There is a biblical difference between the working of God’s discipline and the working of His wrath. Neither is pleasant or desired, but as long as discipline is the work of the hour we can at least fall back on the knowledge that God continues to work to reconcile people to Him. But God’s wrath explicitly brings with it the knowledge that time is running out, that at a very, very near time in our immediate future there will no longer be any opportunity for reconciliation and the only thing remaining will be the consequences of judgment. We have seen this repeatedly in the examples of Noah, Sodom and Gomorrah, the Canaanite nations, the northern kingdom of Israel, Assyria, and now with both Babylon and the nations in and around Judah. Throughout Scripture when God begins to speak about the cup of His wrath He is teaching about final judgment.

1The word that came to Jeremiah concerning all the people of Judah, in the fourth year of Jehoiakim the son of Josiah, king of Judah (that was the first year of Nebuchadnezzar king of Babylon), 2which Jeremiah the prophet spoke to all the people of Judah and to all the inhabitants of Jerusalem, saying, 3“From the thirteenth year of Josiah the son of Amon, king of Judah, even to this day, these twenty-three years the word of the Lord has come to me, and I have spoken to you again and again, but you have not listened.

[Read v.1-3]

Q: What is the historical context? Why is it significant that this message is coming “in the fourth year of Jehoiakim” and “the first year of Nebuchadnezzar”?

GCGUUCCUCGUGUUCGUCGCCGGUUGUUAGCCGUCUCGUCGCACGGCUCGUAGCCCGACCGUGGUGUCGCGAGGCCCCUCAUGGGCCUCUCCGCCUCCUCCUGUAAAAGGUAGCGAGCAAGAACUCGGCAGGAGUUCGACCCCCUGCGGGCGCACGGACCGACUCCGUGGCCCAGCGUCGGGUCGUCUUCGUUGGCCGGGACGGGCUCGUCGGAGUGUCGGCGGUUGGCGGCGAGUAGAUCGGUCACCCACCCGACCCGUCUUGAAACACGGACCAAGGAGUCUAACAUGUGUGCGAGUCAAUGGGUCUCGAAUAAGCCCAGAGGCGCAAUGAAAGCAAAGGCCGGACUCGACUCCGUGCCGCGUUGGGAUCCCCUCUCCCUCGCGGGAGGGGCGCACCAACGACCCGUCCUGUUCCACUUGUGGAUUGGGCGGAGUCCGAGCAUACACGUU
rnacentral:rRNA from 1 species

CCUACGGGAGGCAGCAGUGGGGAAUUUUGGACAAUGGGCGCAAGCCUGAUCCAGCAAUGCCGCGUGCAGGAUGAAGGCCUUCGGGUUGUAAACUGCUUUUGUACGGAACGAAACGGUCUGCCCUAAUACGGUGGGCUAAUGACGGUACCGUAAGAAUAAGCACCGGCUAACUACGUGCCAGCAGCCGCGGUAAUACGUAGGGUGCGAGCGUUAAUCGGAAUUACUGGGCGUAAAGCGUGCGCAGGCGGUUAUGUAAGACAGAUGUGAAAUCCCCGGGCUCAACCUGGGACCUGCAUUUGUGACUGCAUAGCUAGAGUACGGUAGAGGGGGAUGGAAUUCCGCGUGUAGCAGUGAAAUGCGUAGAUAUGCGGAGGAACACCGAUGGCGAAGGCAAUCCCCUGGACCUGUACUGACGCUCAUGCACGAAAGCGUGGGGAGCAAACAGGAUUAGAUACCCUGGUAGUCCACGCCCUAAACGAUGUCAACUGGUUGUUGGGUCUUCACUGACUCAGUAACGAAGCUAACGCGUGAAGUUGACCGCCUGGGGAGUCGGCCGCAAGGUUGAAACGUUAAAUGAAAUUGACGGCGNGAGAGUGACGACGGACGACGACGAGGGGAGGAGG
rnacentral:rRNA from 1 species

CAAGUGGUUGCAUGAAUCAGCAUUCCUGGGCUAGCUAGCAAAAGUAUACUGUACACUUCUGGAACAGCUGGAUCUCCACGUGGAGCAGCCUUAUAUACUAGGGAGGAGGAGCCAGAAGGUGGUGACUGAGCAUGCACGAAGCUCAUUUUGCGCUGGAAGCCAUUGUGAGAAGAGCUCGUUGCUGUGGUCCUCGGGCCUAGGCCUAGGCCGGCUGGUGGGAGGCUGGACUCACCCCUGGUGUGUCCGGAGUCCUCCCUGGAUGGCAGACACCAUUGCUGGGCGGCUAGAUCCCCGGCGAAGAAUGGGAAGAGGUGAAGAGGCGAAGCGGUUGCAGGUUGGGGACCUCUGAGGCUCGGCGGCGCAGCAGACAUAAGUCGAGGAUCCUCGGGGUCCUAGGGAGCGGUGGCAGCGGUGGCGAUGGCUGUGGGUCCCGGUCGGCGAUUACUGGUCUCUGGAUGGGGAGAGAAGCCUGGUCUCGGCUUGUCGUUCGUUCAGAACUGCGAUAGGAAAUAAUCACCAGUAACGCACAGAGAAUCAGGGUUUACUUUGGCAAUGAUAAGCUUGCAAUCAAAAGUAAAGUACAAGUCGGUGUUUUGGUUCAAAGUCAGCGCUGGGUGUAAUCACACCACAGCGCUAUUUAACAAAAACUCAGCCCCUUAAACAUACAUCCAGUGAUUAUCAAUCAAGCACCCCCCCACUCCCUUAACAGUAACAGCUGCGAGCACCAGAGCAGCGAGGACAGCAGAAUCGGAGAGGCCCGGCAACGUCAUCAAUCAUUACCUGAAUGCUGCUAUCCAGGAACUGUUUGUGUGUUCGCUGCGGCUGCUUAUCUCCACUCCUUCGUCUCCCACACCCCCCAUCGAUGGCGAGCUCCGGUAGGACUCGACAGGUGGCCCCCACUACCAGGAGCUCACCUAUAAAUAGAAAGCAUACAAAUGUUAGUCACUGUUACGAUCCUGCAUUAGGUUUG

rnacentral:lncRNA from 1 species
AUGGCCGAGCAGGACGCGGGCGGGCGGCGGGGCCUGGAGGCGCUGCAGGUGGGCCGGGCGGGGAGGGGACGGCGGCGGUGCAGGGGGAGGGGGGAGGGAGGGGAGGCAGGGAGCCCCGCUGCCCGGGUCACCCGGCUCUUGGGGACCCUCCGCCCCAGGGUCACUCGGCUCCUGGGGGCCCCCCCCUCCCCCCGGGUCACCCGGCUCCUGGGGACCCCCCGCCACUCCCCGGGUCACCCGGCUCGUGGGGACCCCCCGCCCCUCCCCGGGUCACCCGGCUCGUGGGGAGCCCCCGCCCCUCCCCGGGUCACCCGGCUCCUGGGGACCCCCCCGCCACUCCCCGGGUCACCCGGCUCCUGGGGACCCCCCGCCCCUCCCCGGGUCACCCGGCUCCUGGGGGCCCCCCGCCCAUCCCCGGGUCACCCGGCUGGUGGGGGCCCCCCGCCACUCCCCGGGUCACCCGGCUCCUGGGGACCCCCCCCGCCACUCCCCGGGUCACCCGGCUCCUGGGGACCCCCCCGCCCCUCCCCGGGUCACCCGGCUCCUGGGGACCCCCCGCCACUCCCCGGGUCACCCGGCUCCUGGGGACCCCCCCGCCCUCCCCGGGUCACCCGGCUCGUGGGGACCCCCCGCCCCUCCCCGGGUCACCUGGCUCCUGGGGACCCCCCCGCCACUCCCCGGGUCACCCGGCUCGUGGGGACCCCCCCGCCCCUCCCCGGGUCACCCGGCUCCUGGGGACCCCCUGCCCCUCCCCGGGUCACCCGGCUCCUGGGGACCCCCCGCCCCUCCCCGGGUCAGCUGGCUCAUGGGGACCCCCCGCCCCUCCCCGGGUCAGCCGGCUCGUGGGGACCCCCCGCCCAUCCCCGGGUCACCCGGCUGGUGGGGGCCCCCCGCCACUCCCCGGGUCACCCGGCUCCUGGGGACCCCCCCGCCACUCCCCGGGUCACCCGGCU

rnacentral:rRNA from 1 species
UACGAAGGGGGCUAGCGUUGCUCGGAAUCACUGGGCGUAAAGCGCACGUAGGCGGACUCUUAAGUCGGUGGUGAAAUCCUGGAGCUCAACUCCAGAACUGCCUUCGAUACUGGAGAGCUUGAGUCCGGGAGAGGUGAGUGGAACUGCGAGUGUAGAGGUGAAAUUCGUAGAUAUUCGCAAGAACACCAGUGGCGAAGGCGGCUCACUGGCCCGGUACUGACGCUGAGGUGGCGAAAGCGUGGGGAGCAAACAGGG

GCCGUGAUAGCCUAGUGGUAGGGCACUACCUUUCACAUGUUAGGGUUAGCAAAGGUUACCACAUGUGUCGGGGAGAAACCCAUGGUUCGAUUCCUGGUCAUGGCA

A: Jehoiakim is the third to last king of Judah, a completely corrupt and wicked king. It is during his reign that the first of three deportations to Babylon will be conducted by Nebuchadnezzar, each becoming more severe than the last. This is the beginning of the end for Judah. Everything spoken by God through the prophets is finally and literally coming true.

Q: What is the spiritual context?

A: “I have spoken to you again and again, but you have not listened”. (v.3)

Point: The time comes when the opportunity to repent and return to God runs out. It comes about when response to God’s Word ultimately approaches zero.

4And the Lord has sent to you all His servants the prophets again and again, but you have not listened nor inclined your ear to hear, 5saying, ‘Turn now everyone from his evil way and from the evil of your deeds, and dwell on the land which the Lord has given to you and your forefathers forever and ever; 6and do not go after other gods to serve them and to worship them, and do not provoke Me to anger with the work of your hands, and I will do you no harm.’ 7Yet you have not listened to Me,” declares the Lord, “in order that you might provoke Me to anger with the work of your hands to your own harm.

[Read v.4-7]

Q: Was the problem that they simply refused to listen only to Jeremiah?

A: Jeremiah was only the latest in a long list of prophets ignored by God’s people. Twelve Old Testament books come from eleven prophets sent by God leading up to the Babylonian exile. There were many other prophets in addition to the these.

Q: What is the proof that they “have not listened nor inclined your ear to hear”?

  1. They did not turn from their “evil way” or “from the evil of your deeds”. (v.5) They broke all the commandments of the 2nd Tablet to love others.

  2. They went “after other gods to serve them and to worship them”. (v.6) They broke all the commandments of the 1st Tablet to love God.

  3. They created their own idols designating them “gods” “with the work of your hands”. (v.7) They didn’t merely subvert God’s Word and ways but attempted to completely replace Him and both tablets.